LittleMachineShop.com
396 W. Washington Blvd. #500
Pasadena, CA 91103
Phone: (800) 981-9663
 

Getting Started with Mini Lathe Tooling

Introduction

You have purchased a mini lathe, brought it home and cleaned it up. You are ready to start cutting metal, but find that you didn't receive any cutting tools with the lathe. What else do you need to get started?

This document covers all 7x10, 7x12, 7x14, and 7x16 mini lathes.

If you have a similar small lathe, you might not need the exact part numbers described in this document, but you will need the same type of tools.

We will discuss the tools you will need to perform different operations: turning, drilling, boring, and cutting off.

Quick-Change Tool Post?

Before you start selecting particular tools, you might want to make a decision on whether or not you want to invest in a quick-change tool post. As we describe the various tools, we will show your options for each operation with and without a quick-change tool post.

Quick-change tool posts are valuable in a production environment. You can change the cutting tool, knowing that you can return the tool to the exact same position relative to the work. This is important if you are turning out thousands of identical widgets. In most home shops, this is not important, as we are usually making one or two of a particular part.

But quick-change tool posts have one feature that is important to home shop machinists, and that is height adjustment. You can quickly adjust the cutting edge of the tool to the exact center height of the work. Without a quick-change tool post, you have to shim tools that are too low, and simply can't use tools that are too high.

Some of the tool posts that home shop machinists call quick-change tool posts don't have the "quick-change" feature at all, but simply provide an easy height adjustment.

On a mini lathe without a quick-change tool post you are restricted to using tools with a 5/16" or smaller shank. With a quick-change tool post you can use tools with shanks up to 3/8" (up to 1/2" in some cases). It's only 1/16" difference, but it opens up a lot of options.

Quick Change Tool Post Options

Part
Number
Product

3112

Quick Change Tool Post Set, 0XA, Mini Lathe

4157

Quick Change Tool Post Set, 0XA for G0768

3048

Quick Change Tool Post Set, 0XA, 4° Cut-Off

4058

Quick Change Tool Post Set, 0XA for Atlas/Craftsman 6"

4039

Quick Change Tool Post Set, 0XA for Sherline and Taig

4083

Quick Change Tool Post Set, 0XA for 8x12, 8x14 Lathe

4046

Quick Change Tool Post Set, 0XA for 9x20 Lathe

4101

Quick Change Tool Post Set, 0XA for HiTorque Bench Lathe

Turning

Turning is the simplest operation on a lathe. It is reducing the outside diameter of a work piece. It's probably the first thing you will do with a lathe.

There are two basic types of turning tools: high-speed steel tool bits, and carbide turning tools.

High-speed steel tool bits start as rectangles of high-speed steel that you sharpen with a bench grinder. A 5/16" high-speed steel tool bit starts as a piece of high-speed steel that is 5/16" square and 2-1/2" long. Before you can use it to cut metal, you use a bench grinder to shape and sharpen the end. There are several standard shapes for tool bits, which depend on the intended use. Here is information on rake and relief angles for high-speed steel lathe tool bits.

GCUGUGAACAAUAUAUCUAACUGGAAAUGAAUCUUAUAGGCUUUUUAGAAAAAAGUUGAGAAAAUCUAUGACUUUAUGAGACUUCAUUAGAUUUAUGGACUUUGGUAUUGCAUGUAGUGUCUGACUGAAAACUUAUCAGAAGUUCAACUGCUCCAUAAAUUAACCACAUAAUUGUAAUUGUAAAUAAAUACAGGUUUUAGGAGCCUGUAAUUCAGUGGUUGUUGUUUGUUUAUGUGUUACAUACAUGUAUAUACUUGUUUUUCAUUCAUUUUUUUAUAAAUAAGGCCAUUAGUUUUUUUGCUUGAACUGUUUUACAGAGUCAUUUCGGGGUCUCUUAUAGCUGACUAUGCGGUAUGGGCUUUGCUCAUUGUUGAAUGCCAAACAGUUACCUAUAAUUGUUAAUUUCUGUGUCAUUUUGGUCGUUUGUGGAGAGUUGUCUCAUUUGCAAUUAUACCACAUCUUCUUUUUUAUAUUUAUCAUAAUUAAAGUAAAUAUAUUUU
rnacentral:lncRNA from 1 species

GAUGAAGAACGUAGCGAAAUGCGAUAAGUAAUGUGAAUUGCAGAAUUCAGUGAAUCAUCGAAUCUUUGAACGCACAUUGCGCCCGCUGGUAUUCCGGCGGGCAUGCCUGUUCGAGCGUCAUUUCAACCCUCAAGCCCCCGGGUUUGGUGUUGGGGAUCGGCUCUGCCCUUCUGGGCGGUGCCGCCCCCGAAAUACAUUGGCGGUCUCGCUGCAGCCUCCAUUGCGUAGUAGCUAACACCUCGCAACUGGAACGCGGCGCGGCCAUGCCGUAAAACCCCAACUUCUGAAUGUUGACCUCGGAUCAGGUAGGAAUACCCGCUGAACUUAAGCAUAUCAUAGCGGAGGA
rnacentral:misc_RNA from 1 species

Carbide turning tools come in two flavors. There are tool bits with brazed-on carbide tips, and indexable carbide turning tools.

Tool bits with brazed-on carbide tips are relatively economical, but once the carbide tip is worn out, the entire tool bit is discarded.

Indexable carbide turning tools consist of a shank of hardened steel with a small triangle of sintered carbide (called an insert) attached to the end. The carbide insert is factory sharpened with three cutting edges, one at each point of the triangle. When one point becomes dull, you rotate the next point into the cutting position. When all are dull you replace the insert. These turning tools are called indexable because you can change the insert without affecting the position of the cutting edge relative to the work piece.

Cutting Tool Options

Part
Number
Product   Standard  
Tool Post
Quick-Change
Tool Post

1152

Tool Bit, 5/16" x 2-1/2", M2 HSS

X X

1715

Tool Bit, 5/16" x 2-1/2", T-15 HSS, A R Warner

X X

1156

Tool Bit, 3/8" x 2-1/2", M2 HSS

  X

1718

Tool Bit, 3/8" x 3", T-15 HSS, A R Warner

  X

 

Tool Bits, 1/4" Presharpened

X X

2412

Tool Bits, 5/16" Brazed Carbide, Set of 5

X X

3192

Tool Bit, 5/16" Right Hand, Brazed Carbide

X X

3193

Tool Bit, 5/16" Left Hand, Brazed Carbide

X X

1719

Turning Tools, 1/4" Indexable, HSS Triangle Inserts, A R Warner

X X

1913

Turning Tools, 1/4" Indexable, Triangle Inserts

X X

1669

Turning Tools, 3/8" Indexable, Triangle Inserts

  X

4132

Turning Tools, 3/8" Indexable, HSS Triangle Inserts, A R Warner, Set of 3

  X

1619